Perhaps in the spirit of Lil’ Wayne’s admonishments to “please say the baby,” Marah’s latest record demands your attention by not just telling you its name—but exclaiming it! Still noticeably influenced by old-time rock and rollers like Creedence Clearwater Revival, Tom Petty, Elvis Costello, and, of course, Bruce Springsteen, Marah offers another collection of bluesy bar guitar barnburners. I’ve always liked about half a Marah album, but by the time I get to the midway point I’m often ready to change it. This latest release still suffers from a little of the awkward lyricism in that marks many of their songs, but on the whole it hangs together a lot better than any of their earliest efforts. The songs offer enough change from track to track to keep from descending into predictability and, although they’re still not breaking any new ground, this album is the best one so far to communicate the sheer joy of their live shows.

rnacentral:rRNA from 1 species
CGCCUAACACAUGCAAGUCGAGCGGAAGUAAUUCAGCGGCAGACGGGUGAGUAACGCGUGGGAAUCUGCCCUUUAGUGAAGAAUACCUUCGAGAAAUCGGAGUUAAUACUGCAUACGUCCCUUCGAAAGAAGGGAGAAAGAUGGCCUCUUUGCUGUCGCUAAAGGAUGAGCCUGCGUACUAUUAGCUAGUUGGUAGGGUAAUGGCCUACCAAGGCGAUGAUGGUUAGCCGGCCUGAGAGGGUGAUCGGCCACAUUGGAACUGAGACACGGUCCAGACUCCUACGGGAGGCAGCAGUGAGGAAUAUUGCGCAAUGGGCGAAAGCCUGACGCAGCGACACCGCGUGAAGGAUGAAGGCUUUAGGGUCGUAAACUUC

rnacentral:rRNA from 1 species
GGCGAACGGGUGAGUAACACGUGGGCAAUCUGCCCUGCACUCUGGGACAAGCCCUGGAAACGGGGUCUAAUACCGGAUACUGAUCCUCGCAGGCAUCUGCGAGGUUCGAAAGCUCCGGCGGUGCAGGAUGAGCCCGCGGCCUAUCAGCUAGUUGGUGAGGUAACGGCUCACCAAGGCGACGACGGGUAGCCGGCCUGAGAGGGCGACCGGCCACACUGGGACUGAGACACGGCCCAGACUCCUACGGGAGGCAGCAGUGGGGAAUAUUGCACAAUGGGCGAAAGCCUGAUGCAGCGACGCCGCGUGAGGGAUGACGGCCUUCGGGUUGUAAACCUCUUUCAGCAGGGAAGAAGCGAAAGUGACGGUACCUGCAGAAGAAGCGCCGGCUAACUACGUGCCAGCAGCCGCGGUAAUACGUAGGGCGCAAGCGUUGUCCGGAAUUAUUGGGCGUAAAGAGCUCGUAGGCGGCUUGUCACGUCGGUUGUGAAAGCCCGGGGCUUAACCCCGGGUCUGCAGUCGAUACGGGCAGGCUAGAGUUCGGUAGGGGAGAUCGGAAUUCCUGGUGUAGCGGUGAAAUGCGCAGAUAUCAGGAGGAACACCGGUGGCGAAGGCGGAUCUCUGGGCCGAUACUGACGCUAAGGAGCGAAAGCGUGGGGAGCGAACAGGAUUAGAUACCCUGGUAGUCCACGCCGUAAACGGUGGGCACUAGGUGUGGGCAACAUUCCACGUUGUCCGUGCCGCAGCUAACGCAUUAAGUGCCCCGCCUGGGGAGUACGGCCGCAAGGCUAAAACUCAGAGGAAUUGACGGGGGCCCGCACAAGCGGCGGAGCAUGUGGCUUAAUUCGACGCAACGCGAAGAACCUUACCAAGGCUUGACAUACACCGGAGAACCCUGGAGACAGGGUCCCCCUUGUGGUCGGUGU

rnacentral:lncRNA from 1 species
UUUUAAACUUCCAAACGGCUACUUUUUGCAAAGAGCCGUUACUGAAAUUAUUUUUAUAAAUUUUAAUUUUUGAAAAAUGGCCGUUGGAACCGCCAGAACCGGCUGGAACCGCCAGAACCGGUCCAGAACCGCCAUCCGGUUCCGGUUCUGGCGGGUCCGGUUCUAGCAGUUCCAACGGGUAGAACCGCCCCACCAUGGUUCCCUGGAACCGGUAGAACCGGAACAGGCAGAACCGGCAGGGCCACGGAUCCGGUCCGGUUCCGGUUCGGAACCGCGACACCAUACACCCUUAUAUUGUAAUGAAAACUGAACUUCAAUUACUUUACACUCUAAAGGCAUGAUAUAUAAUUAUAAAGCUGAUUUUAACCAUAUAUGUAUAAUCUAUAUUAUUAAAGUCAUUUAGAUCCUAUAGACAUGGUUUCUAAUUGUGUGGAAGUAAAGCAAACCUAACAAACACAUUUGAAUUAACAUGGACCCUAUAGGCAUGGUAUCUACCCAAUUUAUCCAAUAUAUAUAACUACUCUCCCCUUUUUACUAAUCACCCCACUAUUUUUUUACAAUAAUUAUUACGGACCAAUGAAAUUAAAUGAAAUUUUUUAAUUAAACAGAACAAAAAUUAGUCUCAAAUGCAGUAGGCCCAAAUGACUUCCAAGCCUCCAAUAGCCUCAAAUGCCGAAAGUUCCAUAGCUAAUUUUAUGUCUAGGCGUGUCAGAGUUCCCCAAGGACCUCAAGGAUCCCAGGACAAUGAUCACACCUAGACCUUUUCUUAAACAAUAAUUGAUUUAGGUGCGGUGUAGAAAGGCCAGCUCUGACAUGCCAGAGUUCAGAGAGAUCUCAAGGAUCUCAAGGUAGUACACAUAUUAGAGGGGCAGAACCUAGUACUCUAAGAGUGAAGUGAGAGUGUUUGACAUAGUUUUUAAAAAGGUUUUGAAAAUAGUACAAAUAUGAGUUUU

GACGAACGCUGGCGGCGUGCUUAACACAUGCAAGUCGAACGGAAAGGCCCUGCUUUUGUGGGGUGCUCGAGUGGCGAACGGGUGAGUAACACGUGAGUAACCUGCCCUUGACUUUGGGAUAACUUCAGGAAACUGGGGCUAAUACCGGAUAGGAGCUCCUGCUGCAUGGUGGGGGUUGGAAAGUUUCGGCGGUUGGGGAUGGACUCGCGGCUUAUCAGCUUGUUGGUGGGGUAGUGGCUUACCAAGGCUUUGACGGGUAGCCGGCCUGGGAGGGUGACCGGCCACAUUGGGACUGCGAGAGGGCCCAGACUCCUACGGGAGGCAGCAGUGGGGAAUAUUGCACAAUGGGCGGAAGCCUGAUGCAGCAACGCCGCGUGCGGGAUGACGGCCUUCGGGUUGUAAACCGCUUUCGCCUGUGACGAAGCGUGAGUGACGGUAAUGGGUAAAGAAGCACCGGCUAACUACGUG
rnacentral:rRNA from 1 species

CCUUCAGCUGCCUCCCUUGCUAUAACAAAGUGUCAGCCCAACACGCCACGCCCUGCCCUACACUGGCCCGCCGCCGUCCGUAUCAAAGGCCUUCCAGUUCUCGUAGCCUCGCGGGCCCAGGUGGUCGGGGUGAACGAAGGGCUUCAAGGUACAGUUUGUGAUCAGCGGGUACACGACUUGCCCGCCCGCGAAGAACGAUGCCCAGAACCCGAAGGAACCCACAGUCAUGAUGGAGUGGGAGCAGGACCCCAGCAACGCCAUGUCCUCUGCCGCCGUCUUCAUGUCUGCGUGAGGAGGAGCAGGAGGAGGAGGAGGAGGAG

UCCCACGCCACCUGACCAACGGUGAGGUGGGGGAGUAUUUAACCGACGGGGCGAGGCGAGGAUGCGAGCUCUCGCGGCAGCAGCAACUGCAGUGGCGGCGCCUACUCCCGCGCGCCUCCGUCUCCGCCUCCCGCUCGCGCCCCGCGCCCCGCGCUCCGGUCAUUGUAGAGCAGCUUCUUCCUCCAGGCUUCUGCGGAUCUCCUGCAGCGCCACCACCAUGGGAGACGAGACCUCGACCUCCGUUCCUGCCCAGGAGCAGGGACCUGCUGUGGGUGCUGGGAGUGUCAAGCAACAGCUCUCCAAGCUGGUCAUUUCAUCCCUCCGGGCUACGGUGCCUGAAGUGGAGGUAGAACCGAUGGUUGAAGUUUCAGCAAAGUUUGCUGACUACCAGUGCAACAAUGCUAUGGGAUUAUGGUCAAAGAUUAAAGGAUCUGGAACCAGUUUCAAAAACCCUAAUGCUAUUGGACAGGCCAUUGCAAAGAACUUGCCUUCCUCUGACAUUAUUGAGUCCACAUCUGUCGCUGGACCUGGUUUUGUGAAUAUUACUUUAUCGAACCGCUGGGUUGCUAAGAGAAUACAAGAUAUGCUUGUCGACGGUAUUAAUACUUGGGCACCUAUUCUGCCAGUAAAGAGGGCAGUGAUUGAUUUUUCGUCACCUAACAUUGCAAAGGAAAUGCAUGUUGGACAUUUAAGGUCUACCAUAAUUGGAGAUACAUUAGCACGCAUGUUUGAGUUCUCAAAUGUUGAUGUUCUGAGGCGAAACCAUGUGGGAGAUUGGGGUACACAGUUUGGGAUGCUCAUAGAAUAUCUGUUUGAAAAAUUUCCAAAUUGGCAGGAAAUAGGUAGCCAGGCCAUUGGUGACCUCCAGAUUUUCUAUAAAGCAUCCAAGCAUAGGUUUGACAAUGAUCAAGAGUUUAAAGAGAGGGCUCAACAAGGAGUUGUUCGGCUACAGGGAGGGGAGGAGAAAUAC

“Angels on a Passing Train” is almost, dare I say it, a beautiful song from a band not typically known for their sensitivity. “Old Time Tickin’ Away” successfully brings soul into the act without pretension.
But the best news is new-to-the-band keyboardist Christine Smith. She refreshes the band’s overall sound on songs like “Wild West Love Song” and “Jesus in the Temple.” She even manages to lead the band through a nice 10-minute experimental epic titled, “Wilderness”—the absolute opposite of this roadhouse band’s most successful songs. It seems Marah is willing to stop being so derivative and start making music of it’s very own. Often when a band tried to break new ground and change into something bigger than it was the results are spotty—but “Angels of Destruction!” is anything but that. It’s Marah’s most consistent and most enjoyable album yet.